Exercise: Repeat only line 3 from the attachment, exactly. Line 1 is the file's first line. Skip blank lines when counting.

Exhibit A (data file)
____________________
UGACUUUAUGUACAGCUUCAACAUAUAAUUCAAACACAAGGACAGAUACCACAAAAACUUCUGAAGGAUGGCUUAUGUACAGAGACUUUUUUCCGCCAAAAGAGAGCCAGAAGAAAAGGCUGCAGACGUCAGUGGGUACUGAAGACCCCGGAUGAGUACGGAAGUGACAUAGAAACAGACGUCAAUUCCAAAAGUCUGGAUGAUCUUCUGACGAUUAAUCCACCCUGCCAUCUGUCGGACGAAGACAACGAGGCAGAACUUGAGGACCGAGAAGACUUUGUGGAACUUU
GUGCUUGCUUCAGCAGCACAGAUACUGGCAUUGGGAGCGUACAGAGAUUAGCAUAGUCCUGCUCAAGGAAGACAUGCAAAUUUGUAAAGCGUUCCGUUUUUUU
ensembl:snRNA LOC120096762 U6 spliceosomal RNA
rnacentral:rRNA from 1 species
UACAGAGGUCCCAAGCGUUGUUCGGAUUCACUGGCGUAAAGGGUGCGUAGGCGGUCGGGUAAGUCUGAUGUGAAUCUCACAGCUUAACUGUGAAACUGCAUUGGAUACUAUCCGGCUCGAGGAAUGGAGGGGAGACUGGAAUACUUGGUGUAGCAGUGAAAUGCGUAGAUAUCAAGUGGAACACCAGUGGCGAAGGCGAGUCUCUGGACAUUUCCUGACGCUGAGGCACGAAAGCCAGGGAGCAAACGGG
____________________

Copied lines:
ensembl:snRNA LOC120096762 U6 spliceosomal RNA